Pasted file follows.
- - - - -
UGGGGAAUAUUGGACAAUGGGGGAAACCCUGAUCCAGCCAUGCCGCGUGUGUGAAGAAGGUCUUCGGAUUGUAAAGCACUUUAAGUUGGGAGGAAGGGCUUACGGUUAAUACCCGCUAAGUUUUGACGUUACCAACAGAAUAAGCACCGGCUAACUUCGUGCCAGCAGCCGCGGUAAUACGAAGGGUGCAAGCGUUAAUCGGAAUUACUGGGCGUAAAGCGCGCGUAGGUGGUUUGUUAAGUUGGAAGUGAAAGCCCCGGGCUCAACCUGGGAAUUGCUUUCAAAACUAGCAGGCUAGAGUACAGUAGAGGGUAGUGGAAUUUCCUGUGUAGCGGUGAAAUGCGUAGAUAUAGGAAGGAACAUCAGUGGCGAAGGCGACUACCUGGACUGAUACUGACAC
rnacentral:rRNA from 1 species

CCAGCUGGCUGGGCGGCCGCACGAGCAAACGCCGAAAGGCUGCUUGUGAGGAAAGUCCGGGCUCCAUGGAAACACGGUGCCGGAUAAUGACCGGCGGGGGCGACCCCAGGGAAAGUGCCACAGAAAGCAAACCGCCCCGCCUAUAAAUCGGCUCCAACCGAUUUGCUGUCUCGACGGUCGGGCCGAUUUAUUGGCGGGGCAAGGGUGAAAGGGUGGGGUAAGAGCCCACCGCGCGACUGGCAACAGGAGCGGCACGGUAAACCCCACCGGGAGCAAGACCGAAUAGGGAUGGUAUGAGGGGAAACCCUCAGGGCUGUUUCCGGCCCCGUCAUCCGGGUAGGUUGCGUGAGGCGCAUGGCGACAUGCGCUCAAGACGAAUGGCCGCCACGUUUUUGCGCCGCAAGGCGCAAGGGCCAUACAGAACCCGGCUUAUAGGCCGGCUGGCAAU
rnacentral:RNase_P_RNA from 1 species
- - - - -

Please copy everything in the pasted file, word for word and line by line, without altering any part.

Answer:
UGGGGAAUAUUGGACAAUGGGGGAAACCCUGAUCCAGCCAUGCCGCGUGUGUGAAGAAGGUCUUCGGAUUGUAAAGCACUUUAAGUUGGGAGGAAGGGCUUACGGUUAAUACCCGCUAAGUUUUGACGUUACCAACAGAAUAAGCACCGGCUAACUUCGUGCCAGCAGCCGCGGUAAUACGAAGGGUGCAAGCGUUAAUCGGAAUUACUGGGCGUAAAGCGCGCGUAGGUGGUUUGUUAAGUUGGAAGUGAAAGCCCCGGGCUCAACCUGGGAAUUGCUUUCAAAACUAGCAGGCUAGAGUACAGUAGAGGGUAGUGGAAUUUCCUGUGUAGCGGUGAAAUGCGUAGAUAUAGGAAGGAACAUCAGUGGCGAAGGCGACUACCUGGACUGAUACUGACAC
rnacentral:rRNA from 1 species

CCAGCUGGCUGGGCGGCCGCACGAGCAAACGCCGAAAGGCUGCUUGUGAGGAAAGUCCGGGCUCCAUGGAAACACGGUGCCGGAUAAUGACCGGCGGGGGCGACCCCAGGGAAAGUGCCACAGAAAGCAAACCGCCCCGCCUAUAAAUCGGCUCCAACCGAUUUGCUGUCUCGACGGUCGGGCCGAUUUAUUGGCGGGGCAAGGGUGAAAGGGUGGGGUAAGAGCCCACCGCGCGACUGGCAACAGGAGCGGCACGGUAAACCCCACCGGGAGCAAGACCGAAUAGGGAUGGUAUGAGGGGAAACCCUCAGGGCUGUUUCCGGCCCCGUCAUCCGGGUAGGUUGCGUGAGGCGCAUGGCGACAUGCGCUCAAGACGAAUGGCCGCCACGUUUUUGCGCCGCAAGGCGCAAGGGCCAUACAGAACCCGGCUUAUAGGCCGGCUGGCAAU
rnacentral:RNase_P_RNA from 1 species